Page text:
We were rigourously interrogated, too. The superintendent of the jail (I wouldd rather not put his name on record) was a very nice man and he opposed Ayub’s tyrannical ways. Therefore, he secretly helped us with those interrogations. He told us to stick to one – and just one – story.
During one of these interrogatory sessions I was brought to a smaller jail in Rahimyar Khan. They gave me filthy and tattered clothes which I refused to put on despite their threats. When they were taking me back to Bahawalpur jail from Rahimyar Khan, the cops were given money to hire a horse-drawn carriage for transport. They stole the money and we went on foot instead. On the way, a posse of children coming out of a school spotted me in handcuffs and being taken away by cops and started to yell ‘Chor! Chor!’ (Thief! Thief!). That was so soul- crushing that my eyes welled up and I wept. Moments later, a shopkeeper from around came running to us and hushed the boys, “He’s not a thief. He’s your leader.” I was reminded of Faiz’s poem, the one he wrote after his captors made him walk on the streets of Sialkot in shackles to humiliate him, “Aaj bazaar main pa ba-joulan chalo, Dast afhsaan chalo, Mast-o-raqsaan chalo, Khaak bar sar chalo, Khoon badamaan chalo, Raah taktaa hai sab shehr-e-jaanaan chalo”
(Today, you must walk the marketplace in chains
Walk, with palms open before you
Walk, with your head caked in dust
Walk, with shirtsleeves seeped in blood
Whirl, in frenzied throes of ecstasy
Walk on, the beloved city yearns for you)
(Translated by Mustansir Dalvi)
Although we were imprisoned, we were successful in achieving the goal of putting an end to the terrifying period when a common man was too scared of even saying anything against Ayub’s regime.
In 1962, we were quietly released after nine months of incarceration once they brought us back to a jail in Karachi. However, only 10-15 days later came the orders of our externment. That was the first externment (of activist students), and Fatehyab, Johar Hussain, Iqbal Memon, Ameer Haider Kazmi, Ali Mukhtar Rizvi, Anwar Ahsan and I were forced to leave the city.
Ayub versus the students – rise of the NSF
Although a noticeable industrial growth was witnessed in Ayub’s period, at the same time, the exploitation of workers was at its peak. Labourers were hired for a month and then were re-hired, hence benefits like pension or gratuity were totally denied. Trade union activities and strikes were dealt with using brute force. For that reason, the working class of the country took an active part in the struggle against Ayub’s rule.
Army dictators of the Third World were given this tool called ‘guided’ or ‘controlled’ or (in Pakistan’s case) ‘basic’ democracies by the imperialist powers of the world. After demolishing parliamentary democracy, Ayub Khan in late 1959 introduced Basic Democracies. Local government elections were held and an electoral college was manufactured, which in 1960, elected him President.
Ayub went on and enforced his expedient constitution in 1962, which we (NSF) rejected as vehemently as Habib Jalib did through his poem ‘Dastoor’ (Constitution). Soon enough he felt the need for a political party to endorse his reign. The convention of Muslim Leaguers who supported him resulted in Convention Muslim League and Ayub Khan became its chairman. The first grand public meeting of the party was organised at Polo Ground, Karachi, in 1963. Delegates from East and West Pakistan came to attend it. Chaudhry Khaliquzzaman was presiding and Zulfiqar Ali Bhutto was conducting the convention. That was the political party a military dictatorship was giving birth to, and it was being imposed on the public in the name of democracy. Poor workers and students were already battling against the dictator. The ban on the NSF was recently lifted owing to 1963’s Party Act and the students were all charged and angry enough for a new adventure.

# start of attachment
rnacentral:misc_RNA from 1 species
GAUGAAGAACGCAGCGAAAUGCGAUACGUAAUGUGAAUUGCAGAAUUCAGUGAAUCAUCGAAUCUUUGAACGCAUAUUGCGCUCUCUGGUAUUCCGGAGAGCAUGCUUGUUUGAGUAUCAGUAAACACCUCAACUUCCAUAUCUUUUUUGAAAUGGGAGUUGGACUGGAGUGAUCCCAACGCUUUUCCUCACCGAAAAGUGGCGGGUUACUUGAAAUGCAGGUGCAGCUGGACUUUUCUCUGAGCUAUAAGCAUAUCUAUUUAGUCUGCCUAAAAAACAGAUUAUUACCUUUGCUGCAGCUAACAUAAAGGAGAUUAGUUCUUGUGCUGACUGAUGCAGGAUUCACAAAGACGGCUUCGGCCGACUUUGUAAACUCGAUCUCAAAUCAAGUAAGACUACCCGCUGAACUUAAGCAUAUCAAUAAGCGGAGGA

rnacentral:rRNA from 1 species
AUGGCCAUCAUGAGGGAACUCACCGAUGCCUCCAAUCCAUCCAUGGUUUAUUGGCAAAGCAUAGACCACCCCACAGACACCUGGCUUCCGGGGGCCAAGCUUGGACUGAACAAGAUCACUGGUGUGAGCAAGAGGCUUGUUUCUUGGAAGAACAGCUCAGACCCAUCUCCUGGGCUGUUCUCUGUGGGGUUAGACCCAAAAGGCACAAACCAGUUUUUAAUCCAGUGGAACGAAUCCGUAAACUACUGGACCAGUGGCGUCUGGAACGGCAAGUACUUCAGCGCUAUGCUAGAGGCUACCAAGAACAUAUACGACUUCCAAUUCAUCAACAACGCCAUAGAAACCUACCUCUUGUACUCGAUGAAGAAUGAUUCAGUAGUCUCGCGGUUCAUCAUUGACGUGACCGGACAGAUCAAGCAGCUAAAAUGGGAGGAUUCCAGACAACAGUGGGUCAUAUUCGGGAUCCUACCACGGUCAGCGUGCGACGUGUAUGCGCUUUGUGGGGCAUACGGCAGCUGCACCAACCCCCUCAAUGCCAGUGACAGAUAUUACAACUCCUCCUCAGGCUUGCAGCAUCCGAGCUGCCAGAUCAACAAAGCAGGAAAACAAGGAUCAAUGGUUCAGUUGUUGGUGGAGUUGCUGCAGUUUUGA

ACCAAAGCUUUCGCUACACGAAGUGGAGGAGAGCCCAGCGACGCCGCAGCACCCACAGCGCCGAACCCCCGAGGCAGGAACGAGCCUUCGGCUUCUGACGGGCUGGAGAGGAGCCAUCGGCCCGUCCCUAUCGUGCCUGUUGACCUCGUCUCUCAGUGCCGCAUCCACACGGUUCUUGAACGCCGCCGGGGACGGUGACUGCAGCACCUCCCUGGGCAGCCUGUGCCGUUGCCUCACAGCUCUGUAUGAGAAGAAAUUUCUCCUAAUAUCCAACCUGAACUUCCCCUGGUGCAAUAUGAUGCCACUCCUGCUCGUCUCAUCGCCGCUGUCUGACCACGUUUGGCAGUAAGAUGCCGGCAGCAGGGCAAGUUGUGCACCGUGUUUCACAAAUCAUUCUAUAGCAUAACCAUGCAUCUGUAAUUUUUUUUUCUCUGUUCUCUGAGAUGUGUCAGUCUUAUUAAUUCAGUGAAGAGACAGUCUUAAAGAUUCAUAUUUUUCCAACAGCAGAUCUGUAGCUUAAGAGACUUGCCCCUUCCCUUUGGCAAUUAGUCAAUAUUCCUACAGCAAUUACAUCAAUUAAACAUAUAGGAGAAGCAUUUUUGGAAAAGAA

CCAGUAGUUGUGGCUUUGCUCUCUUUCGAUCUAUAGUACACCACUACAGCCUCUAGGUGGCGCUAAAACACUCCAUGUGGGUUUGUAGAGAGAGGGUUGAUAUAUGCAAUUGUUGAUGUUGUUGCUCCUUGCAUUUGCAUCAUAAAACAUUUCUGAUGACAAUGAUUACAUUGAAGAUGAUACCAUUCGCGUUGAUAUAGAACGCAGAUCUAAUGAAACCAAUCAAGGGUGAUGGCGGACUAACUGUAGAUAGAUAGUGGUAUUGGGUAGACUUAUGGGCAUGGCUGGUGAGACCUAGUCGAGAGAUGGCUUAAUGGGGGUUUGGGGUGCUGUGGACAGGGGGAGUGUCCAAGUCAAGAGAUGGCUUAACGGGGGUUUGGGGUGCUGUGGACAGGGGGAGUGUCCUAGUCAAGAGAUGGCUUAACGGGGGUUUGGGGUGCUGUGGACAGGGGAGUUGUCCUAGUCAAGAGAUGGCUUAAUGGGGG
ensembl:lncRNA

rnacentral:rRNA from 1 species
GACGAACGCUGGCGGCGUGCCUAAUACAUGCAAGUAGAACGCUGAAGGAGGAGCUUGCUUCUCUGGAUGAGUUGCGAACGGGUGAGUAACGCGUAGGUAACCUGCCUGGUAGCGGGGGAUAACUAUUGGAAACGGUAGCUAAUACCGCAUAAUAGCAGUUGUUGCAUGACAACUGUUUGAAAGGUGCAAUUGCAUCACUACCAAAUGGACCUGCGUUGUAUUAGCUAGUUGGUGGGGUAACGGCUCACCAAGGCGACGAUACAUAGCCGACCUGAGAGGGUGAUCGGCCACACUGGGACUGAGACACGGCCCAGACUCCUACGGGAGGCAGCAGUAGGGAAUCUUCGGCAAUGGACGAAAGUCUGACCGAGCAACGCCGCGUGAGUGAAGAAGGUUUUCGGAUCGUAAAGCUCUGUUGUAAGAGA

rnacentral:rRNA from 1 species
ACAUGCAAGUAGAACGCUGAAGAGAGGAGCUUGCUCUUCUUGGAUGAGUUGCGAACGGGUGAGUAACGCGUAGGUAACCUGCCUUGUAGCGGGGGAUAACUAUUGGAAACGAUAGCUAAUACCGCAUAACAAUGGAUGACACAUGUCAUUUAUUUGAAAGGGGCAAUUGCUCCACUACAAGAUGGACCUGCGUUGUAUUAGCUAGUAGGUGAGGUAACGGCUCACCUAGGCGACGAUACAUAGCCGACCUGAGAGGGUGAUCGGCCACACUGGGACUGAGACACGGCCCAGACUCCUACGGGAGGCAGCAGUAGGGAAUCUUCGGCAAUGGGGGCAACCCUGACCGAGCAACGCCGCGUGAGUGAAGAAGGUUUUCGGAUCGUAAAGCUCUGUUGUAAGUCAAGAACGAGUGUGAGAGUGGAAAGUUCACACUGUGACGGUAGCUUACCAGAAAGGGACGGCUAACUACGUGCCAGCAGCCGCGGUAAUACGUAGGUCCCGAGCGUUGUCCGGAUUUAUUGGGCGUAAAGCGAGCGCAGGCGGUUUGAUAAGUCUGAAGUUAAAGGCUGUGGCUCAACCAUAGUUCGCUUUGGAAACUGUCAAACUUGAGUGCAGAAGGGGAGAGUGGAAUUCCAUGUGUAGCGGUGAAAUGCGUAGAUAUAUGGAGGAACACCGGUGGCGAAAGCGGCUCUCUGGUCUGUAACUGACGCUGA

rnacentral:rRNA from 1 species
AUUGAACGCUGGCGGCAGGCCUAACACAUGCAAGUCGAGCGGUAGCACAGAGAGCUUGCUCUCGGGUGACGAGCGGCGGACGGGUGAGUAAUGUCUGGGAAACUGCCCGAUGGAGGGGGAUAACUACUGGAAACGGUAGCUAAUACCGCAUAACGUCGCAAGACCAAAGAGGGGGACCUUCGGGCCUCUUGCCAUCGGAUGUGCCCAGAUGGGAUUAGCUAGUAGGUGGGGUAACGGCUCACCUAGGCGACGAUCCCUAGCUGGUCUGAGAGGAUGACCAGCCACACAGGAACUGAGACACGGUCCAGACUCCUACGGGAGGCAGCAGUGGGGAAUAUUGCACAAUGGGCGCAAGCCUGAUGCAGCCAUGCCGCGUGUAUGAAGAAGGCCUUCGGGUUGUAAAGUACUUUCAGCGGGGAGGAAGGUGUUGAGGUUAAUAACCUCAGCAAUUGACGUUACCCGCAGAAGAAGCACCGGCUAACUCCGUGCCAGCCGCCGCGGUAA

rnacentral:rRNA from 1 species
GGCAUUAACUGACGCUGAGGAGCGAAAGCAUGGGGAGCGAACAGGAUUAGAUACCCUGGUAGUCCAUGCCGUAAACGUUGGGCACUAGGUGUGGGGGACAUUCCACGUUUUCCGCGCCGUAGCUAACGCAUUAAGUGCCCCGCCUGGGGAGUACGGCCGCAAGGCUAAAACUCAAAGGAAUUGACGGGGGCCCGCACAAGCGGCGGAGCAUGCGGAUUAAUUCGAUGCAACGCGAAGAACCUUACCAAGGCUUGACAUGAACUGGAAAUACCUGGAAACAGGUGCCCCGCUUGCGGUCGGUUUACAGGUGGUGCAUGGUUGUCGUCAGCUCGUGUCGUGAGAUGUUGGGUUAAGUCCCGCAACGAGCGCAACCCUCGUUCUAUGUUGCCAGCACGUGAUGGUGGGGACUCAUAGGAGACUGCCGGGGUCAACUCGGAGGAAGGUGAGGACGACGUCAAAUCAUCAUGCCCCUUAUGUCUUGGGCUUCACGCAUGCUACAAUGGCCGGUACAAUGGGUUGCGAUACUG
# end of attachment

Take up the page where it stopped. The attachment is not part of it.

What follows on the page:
Jinnah Courts, currently the home of Rangers personnel, used to house hundreds of students. It was at these hostels where the plan to disrupt the Convention League gathering was chalked out. A group of NSF activist girls went to Lyari to meet the well-known gangsters Sheru and Dadal who were hired by the government to ensure things go as planned. After much pleading and convincing – which included holding their feet – the duo agreed to give them a couple of hundred passes of the convention and warned them not to cause any commotion. The (NSF) boys, making use of those passes along with Ayub’s photographs and badges carrying pictures of rose (Ayub’s election symbol), were able to penetrate the convention. Just when the meeting began, we took out the banners with ‘Ayub Khan Murdabad’ (Down with Ayub) written on them and took over the convention. Flowerpots were thrown on the ministers. Chairs went flying off in the air. Considering his old age, we carefully placed Chaudhry Khaliquzzaman’s chair off the stage. Syed Saeed Hassan, Ali Mukhtar Rizvi, Fatehyab and I took over the stage and delivered speeches and presented a resolution. All ministers ran off from the stage except for Z.A. Bhutto. He refused to leave the stage and kept fighting us throughout the 15-minute siege, despite being physically bashed up by our activists. I liked his determination. We left the scene after getting the signal from Sheru and Dadal.
Obviously, that incident infuriated Ayub so much that before the next morning all of us were arrested. Among the twelve whose externment orders were issued immediately were: Fatehyab Khan, Ali Mukhtar Rizvi, Johar Hussain, Ameer Haider Kazmi, Agha Jaffar, Saeed Hassan, Wahid Bashir, Hussain Naqi, Nafees Siddiqui and I.
Unlike the last externment, we were quite prepared this time around. We had alerted our friends and comrades in every university and college about the likely exile and were assured that if that happened, they would have to support us. We were banished from metropolitan cities, so we went to smaller cities like Sukkur, Bahawalpur, Rahimyar Khan and Multan. It was there that we started campaigning for a bigger struggle against the regime which transformed into the famous 1963 movement.
Faisal Sayani is a freelance journalist, teacher and filmmaker with experience in current affairs television production. All translation, research and fact-checking for this article is the work of the author. He may be reached via email at firstname.lastname@example.org